- 29. Far From The Island – 29
- 30. Far From The Island – 30
- 31. Far From The Island – 31
- 32. Far From The Island – 32
- 33. Far From The Island – 33
- 34. Far From The Island – 34
- 35. Far From The Island – 35
“No!” But Euan’s cry was far too late as the men, crofters and fishermen, normally the most peaceful of souls, driven to despair, fighting for their livelihoods and the future of their families, launched themselves at the paid lackeys of the laird.
There was nothing he could do, but Euan felt horribly, terribly responsible.
“Call your men off!” he shouted at the factor, but either Morrison could not hear above the roars of the men, or simply ignored him. Frantic now, Euan turned towards the laird, whose horse was pawing nervously at the kale patch.
“Tell Morrison to call them off before blood is shed this day.”
He meant only to stop the fracas, but to his dismay Euan realised he’d drawn attention away from the factor to the man on the thoroughbred horse with the child in the saddle beside him.
He saw it unfold as if in slow motion. The small stone flying through the air and hitting the horse’s flanks. The rearing of the already skittish animal, startled rather than hurt. The laird’s attention diverted to the reins as he tried to stop his steed from bolting. And the fateful release of his hold on the boy, who went flying from the saddle, heading straight for the rough dry-stone wall.
Euan threw himself, diving through the air at the fair-haired child, catching him just before he hit the ground. He was vaguely aware of cries, changed in tone from aggression to concern. He was vaguely aware of the laird’s face, white with shock, as he struggled to control his mount.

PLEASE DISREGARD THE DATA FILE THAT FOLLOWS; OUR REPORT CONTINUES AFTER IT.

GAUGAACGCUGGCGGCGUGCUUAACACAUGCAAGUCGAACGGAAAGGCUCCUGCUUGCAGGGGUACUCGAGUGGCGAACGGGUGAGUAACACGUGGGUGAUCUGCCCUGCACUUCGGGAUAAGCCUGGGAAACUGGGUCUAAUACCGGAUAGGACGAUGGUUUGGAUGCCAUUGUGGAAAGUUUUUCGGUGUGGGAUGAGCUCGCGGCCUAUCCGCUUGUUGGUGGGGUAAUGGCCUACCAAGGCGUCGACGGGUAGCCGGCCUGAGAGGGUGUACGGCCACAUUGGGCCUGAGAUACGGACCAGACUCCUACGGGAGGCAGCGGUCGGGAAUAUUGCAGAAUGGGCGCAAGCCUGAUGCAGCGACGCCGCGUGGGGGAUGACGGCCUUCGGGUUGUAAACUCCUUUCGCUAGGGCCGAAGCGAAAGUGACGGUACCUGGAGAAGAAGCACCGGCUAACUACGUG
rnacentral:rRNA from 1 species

Then he hit the ground, still clutching the boy, and the horse’s hoof hit his temple and Euan was aware of nothing other than an all-enveloping blackness.
* * * *
“I now pronounce you man and wife. Francis, you may kiss your bride.”
Fiona dabbed frantically at her eyes with her handkerchief. It was not so much the kiss Francis and Emily exchanged as the look of tender love, the radiance of their expressions, which touched her heart. Surely, seeing the pair so patently glowing with happiness, Constance Cunningham could not fail to rejoice in their union. But peering down the aisles as the couple retired to sign the register, Fiona saw that her ex-employer’s expression was stony, and as the mother of the groom followed the newlyweds on her husband’s arm, she cast Fiona a furious look.
“I see you are not to be forgiven for your part in this,” Ella whispered, rolling her eyes.
Fiona pursed her lips.
“It doesn’t matter what she thinks of me, but I wish to goodness she’d accept the marriage for Francis’s sake. She will live to regret it if she does not.”
“But I thought – Francis looks so well. You are surely not worried that –”
“No, no, of course not. Only it’s . . .” Fiona took Ella’s arm as they made their way out of the church to wait in a quiet spot by the gate as the crowd of well-wishers kissed the bride and shook hands with the groom. “I see so many cases of consumption now that I have started nursing, and there is no cure. Even Matthew, who is the most eternal optimist, admits that his treatments can only prolong life.”
“I have to confess, Fi, I was surprised to hear that you’d chosen the Poor Law hospital to train in. I have heard that they are terrible places.”
“Terrible, and yet inspiring, Ella,” Fiona said earnestly. “I see such suffering borne so stoically. It takes so little to make such a difference to our patients. We cannot heal the worst cases, but we can make them comfortable, maintain their dignity. I see so many like my father every day, and it helps, just a little, knowing that what I learned easing his pain can help others, too.” She sniffed and conjured up a smile. “I know you think that it was Matthew who persuaded me to become a nurse, but truly, it was Dad’s experience that inspired me.”
Ella blinked furiously.
“He would be so proud of you, Fi.”
“Aye, maybe, but he’d be horrified to see me living in the big city, far from home.”